Digital Arts

Mpumelelo Buthelezi: Visualizing Spirituality in Quarantine

Mpumelelo Buthelezi

"3 Umlayezo Wezingelosi" by Mpumelelo Buthelezi

Mpumelelo Buthelezi, the prolific South African photographer, stands as a testament to the power of art in its ability to evoke introspection, reflection, and catharsis. Emerging from Johannesburg, Buthelezi's achievements in photography and the global recognition he has garnered echo his profound commitment to exploring and transcending boundaries—both physical and thematic.

Boasting a robust repertoire that finds its foundation in social activism, religion, and human resilience, Buthelezi’s oeuvre is an ever-evolving canvas, where documentation meets storytelling and activism. From residencies spanning the globe—including his recent tenure with Rele Arts Foundation in Nigeria to the esteemed Centro Luigi Di Sarro in Italy—Buthelezi's journey is indicative of an artist continually seeking to break new ground.

Emergence in Isolation

Conceived amidst the throes of a global pandemic, Ukuzihlukanisa offers a deep dive into Buthelezi’s psyche, chronicling his spiritual musings during the days of imposed isolation. The bedroom, traditionally a sanctuary of rest and privacy, transforms into a dynamic studio, and the everyday materials strewn around—bubble wrap, tin foil, bed sheets—become the instruments for his self-reflection.

The series, predominantly in black and white, exhibits a distinct mastery of light and contrast. Buthelezi's manipulation of these elements adds depth, allowing the viewer to transcend the ordinary and venture into the metaphysical.

A Quest for Purity

Mpumelelo Buthelezi Mpumelelo Buthelezi

"ikhandlela eliphilisayo" and "Engcwele" by Mpumelelo Buthelezi

Ukuzihlukanisa does more than document a personal journey. It raises profound questions, echoing the existential angst experienced by many during these unprecedented times. Can humans reclaim a sanctified state akin to the sinless beings described in sacred scriptures? And in seeking such purity, do we find a way to cope with the profound disruptions and tragedies unleashed by the pandemic?

The pieces within the collection, each powerful in their narrative, offer glimpses into Buthelezi’s explorations.

Literally translated, "ikhandlela eliphilisayo" means "the candle that gives life." In this piece, Buthelezi captures the dwindling flame of a candle atop a man's head, both of whom are enveloped in shadows. The dim light from the candle is the only source of illumination against the all-consuming darkness. This serves as a potent metaphor for hope, resilience, and the enduring spirit of humanity. The choice of placing the candle on the head could suggest the power of the human mind, its ability to remain a beacon even in the face of adversity. The almost extinguished candle speaks to the fragility of hope but also its persistence. It’s a meditation on the transitory nature of life, and yet, the eternal spark of hope that resides within.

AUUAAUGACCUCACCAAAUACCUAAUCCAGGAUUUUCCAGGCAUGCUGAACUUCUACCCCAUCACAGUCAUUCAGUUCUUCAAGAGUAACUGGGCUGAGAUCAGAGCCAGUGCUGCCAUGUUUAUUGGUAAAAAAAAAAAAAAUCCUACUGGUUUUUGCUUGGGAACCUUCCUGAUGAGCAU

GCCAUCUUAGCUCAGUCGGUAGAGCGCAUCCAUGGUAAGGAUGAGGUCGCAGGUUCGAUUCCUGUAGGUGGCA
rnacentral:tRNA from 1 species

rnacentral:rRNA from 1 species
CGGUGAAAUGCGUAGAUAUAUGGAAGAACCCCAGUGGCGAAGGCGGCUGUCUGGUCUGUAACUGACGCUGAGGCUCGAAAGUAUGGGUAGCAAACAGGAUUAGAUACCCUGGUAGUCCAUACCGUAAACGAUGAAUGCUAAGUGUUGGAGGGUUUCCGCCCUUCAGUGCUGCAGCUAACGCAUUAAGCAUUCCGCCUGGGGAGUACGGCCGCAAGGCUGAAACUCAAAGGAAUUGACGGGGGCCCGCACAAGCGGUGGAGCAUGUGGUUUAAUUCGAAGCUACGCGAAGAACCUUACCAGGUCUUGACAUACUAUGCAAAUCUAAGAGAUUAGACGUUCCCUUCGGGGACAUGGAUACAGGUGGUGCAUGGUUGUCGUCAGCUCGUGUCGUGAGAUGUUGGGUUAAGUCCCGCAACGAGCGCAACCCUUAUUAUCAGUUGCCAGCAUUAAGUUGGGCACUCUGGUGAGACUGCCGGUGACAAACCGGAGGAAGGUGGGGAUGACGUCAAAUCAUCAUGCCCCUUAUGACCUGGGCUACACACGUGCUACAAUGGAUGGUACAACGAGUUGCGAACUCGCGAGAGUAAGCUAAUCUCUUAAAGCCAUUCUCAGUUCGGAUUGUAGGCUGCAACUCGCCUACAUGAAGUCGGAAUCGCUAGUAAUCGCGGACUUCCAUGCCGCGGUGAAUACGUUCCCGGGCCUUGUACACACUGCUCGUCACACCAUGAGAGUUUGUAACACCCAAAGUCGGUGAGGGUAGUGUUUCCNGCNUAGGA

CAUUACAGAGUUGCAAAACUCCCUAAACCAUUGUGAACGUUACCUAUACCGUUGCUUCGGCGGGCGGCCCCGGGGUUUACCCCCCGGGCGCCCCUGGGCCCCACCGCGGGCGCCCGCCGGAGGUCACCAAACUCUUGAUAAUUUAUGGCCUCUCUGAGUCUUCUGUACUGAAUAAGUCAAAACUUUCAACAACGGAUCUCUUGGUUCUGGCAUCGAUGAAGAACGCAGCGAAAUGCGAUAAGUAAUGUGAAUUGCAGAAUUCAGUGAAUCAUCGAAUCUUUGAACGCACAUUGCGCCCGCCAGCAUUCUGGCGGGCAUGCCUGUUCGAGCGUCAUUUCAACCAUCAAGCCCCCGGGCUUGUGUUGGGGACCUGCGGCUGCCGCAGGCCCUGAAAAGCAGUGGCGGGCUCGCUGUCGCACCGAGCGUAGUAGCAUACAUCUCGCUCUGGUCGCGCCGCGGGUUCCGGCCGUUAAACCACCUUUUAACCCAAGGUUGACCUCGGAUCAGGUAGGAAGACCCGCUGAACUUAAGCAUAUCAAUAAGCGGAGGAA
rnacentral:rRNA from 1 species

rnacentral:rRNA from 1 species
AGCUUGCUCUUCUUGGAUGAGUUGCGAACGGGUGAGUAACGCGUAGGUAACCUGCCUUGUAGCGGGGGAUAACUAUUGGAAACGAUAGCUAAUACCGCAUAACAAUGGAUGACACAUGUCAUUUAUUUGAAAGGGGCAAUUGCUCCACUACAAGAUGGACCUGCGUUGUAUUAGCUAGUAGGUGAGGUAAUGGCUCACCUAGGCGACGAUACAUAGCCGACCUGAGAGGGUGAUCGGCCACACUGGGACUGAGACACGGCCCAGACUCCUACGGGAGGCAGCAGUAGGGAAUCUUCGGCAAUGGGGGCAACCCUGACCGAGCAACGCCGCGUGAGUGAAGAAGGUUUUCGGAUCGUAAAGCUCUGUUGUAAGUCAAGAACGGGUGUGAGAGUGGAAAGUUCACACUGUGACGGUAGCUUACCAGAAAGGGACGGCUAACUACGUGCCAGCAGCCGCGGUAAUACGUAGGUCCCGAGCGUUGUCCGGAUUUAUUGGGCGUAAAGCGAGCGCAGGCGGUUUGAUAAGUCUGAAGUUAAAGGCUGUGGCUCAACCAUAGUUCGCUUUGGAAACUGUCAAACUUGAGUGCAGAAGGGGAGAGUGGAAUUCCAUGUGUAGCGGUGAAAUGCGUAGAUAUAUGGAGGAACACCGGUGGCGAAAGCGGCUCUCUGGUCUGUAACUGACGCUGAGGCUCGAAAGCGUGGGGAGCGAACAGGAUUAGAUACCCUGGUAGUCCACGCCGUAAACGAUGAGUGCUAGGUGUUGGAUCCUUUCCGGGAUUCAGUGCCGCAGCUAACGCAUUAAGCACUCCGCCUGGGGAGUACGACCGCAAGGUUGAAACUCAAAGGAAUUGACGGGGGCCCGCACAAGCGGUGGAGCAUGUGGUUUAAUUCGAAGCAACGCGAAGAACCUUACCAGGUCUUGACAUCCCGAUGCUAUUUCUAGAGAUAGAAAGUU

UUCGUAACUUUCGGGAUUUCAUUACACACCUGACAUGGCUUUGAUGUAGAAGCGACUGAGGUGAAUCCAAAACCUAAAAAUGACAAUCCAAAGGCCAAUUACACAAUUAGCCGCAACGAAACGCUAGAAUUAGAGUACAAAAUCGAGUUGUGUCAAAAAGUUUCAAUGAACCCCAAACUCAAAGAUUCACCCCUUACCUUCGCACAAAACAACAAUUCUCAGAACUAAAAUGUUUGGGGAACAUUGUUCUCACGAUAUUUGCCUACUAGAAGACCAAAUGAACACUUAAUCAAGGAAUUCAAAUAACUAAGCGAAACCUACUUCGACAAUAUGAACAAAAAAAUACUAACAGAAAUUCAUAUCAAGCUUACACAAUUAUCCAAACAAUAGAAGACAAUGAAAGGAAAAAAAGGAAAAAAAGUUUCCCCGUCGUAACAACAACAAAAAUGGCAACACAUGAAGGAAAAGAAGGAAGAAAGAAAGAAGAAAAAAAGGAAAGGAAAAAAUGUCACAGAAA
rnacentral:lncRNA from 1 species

The title "Engcwele" refers to "holy" or "sacred" in Zulu. This artwork,perhaps the most intimate, portrays a man, his eyes serenely closed, as if in deep introspection or prayer, shielded behind a contrasting white lace veil. The veil, often associated with sanctity and purity in various cultures, could symbolize a barrier between the mundane and the divine, the seen and the unseen. The obscured face invites viewers to contemplate the notion of hidden divinities within every individual, emphasizing the sanctity of the human spirit.

Mpumelelo Buthelezi Mpumelelo Buthelezi

"Zimboze 1" and "Vala amehlo" by Mpumelelo Buthelezi

"Zimboze 1" stands in stark contrast to the others, focusing on abstraction rather than detail. The blurred black shadow on a white wall might initially come across as elusive, but it's this very obscurity that's its strength. The shadow, devoid of distinct features, becomes a universal symbol, representing any and every individual. It speaks to the fleeting nature of existence, the transient moments that blur past us, and the ephemeral nature of memory and life itself.

In Zulu, "Vala amehlo" translates to "close your eyes." This piece is both haunting and profound. Multiple hands, wrapped in pristine white bandages, cover the face of a black man. The bandaged hands could be seen as both protective and restrictive. They shield the man from the external world, yet simultaneously blind him, suggesting themes of protection, isolation, and perhaps even self-imposed ignorance. The image is a potent commentary on society's collective response to trauma, often choosing to 'close our eyes' to harsh realities, seeking solace in the cocoon of denial.

A Journey Beyond the Self

While Ukuzihlukanisa begins with Buthelezi’s introspective journey, it soon encompasses a broader spectrum of humanity. By inviting friends into his makeshift studio, he underscores the universality of the questions he grapples with, and in doing so, elevates the series from a personal testament to a collective exploration.

In essence, Buthelezi’s artworks in this series are more than mere photographs. They are visual manifestations of deep introspection, a journey within, and a quest for understanding the dualities of life — light and dark, seen and unseen, transient and eternal. Each piece serves as a reflective mirror, urging viewers to embark on their own introspective journeys. Through these artworks, Buthelezi communicates the complexities of the human experience, especially during a time of global upheaval, reminding us of our inherent resilience, fragility, and the profound spiritual quests that often lie beneath the surface.

As viewers, we are left not just with the stunning imagery, but with an invitation—to reflect, to question, and perhaps, to find our own answers in these uncertain times.

You can find out more on the artist's